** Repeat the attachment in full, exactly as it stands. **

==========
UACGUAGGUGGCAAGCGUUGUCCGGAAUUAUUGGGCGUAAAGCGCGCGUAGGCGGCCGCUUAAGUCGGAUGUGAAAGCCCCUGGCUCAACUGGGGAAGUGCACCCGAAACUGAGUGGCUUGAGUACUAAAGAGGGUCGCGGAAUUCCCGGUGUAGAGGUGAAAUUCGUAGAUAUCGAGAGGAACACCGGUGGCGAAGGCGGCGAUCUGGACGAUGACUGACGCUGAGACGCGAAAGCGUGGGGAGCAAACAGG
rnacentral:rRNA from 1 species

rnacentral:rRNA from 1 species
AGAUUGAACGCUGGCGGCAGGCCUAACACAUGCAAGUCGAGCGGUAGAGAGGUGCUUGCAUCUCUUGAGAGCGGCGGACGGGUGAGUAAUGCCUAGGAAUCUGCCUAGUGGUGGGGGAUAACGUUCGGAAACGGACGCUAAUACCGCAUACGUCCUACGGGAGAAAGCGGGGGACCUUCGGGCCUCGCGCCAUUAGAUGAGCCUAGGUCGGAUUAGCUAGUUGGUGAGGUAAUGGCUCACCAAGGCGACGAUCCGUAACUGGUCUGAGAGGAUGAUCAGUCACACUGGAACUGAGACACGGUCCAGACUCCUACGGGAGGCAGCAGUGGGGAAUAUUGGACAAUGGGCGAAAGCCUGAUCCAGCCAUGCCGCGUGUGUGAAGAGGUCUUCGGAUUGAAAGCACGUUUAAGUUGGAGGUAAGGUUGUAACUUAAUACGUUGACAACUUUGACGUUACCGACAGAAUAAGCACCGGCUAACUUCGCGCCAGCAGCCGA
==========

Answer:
UACGUAGGUGGCAAGCGUUGUCCGGAAUUAUUGGGCGUAAAGCGCGCGUAGGCGGCCGCUUAAGUCGGAUGUGAAAGCCCCUGGCUCAACUGGGGAAGUGCACCCGAAACUGAGUGGCUUGAGUACUAAAGAGGGUCGCGGAAUUCCCGGUGUAGAGGUGAAAUUCGUAGAUAUCGAGAGGAACACCGGUGGCGAAGGCGGCGAUCUGGACGAUGACUGACGCUGAGACGCGAAAGCGUGGGGAGCAAACAGG
rnacentral:rRNA from 1 species

rnacentral:rRNA from 1 species
AGAUUGAACGCUGGCGGCAGGCCUAACACAUGCAAGUCGAGCGGUAGAGAGGUGCUUGCAUCUCUUGAGAGCGGCGGACGGGUGAGUAAUGCCUAGGAAUCUGCCUAGUGGUGGGGGAUAACGUUCGGAAACGGACGCUAAUACCGCAUACGUCCUACGGGAGAAAGCGGGGGACCUUCGGGCCUCGCGCCAUUAGAUGAGCCUAGGUCGGAUUAGCUAGUUGGUGAGGUAAUGGCUCACCAAGGCGACGAUCCGUAACUGGUCUGAGAGGAUGAUCAGUCACACUGGAACUGAGACACGGUCCAGACUCCUACGGGAGGCAGCAGUGGGGAAUAUUGGACAAUGGGCGAAAGCCUGAUCCAGCCAUGCCGCGUGUGUGAAGAGGUCUUCGGAUUGAAAGCACGUUUAAGUUGGAGGUAAGGUUGUAACUUAAUACGUUGACAACUUUGACGUUACCGACAGAAUAAGCACCGGCUAACUUCGCGCCAGCAGCCGA